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Small Molecule Inhibitors of α-Synuclein Filament Assembly

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journal contribution
posted on 16.05.2006 by Masami Masuda, Nobuyuki Suzuki, Sayuri Taniguchi, Takayuki Oikawa, Takashi Nonaka, Takeshi Iwatsubo, Shin-ichi Hisanaga, Michel Goedert, Masato Hasegawa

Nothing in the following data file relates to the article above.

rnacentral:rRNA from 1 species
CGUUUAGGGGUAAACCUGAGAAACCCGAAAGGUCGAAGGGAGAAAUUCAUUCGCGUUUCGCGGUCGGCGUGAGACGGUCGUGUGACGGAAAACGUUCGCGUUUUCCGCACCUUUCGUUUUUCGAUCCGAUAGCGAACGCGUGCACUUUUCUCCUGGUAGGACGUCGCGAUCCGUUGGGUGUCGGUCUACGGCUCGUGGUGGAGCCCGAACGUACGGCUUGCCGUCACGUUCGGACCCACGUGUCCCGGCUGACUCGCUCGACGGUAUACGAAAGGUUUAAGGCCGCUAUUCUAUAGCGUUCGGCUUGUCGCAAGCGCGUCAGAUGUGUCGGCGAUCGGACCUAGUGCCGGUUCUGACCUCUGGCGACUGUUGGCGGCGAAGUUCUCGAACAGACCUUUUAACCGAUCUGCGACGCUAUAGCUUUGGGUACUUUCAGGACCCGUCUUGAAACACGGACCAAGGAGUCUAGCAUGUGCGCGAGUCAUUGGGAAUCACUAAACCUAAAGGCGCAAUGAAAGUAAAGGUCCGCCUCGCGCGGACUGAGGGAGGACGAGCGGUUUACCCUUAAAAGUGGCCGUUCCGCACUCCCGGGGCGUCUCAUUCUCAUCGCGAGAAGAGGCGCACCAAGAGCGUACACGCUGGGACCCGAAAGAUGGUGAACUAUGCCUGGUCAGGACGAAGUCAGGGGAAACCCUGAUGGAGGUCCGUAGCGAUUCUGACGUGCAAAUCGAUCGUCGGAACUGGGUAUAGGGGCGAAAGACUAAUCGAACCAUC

α-Synuclein is the major component of the filamentous inclusions that constitute defining characteristics of Parkinson's disease and other α-synucleinopathies. Here we have tested 79 compounds belonging to 12 different chemical classes for their ability to inhibit the assembly of α-synuclein into filaments in vitro. Several polyphenols, phenothiazines, porphyrins, polyene macrolides, and Congo red and its derivatives, BSB and FSB, inhibited α-synuclein filament assembly with IC50 values in the low micromolar range. Many compounds that inhibited α-synuclein assembly were also found to inhibit the formation of Aβ and tau filaments. Biochemical analysis revealed the formation of soluble oligomeric α-synuclein in the presence of inhibitory compounds, suggesting that this may be the mechanism by which filament formation is inhibited. Unlike α-synuclein filaments and protofibrils, these soluble oligomeric species did not reduce the viability of SH-SY5Y cells. These findings suggest that the soluble oligomers formed in the presence of inhibitory compounds may not be toxic to nerve cells and that these compounds may therefore have therapeutic potential for α-synucleinopathies and other brain amyloidoses.

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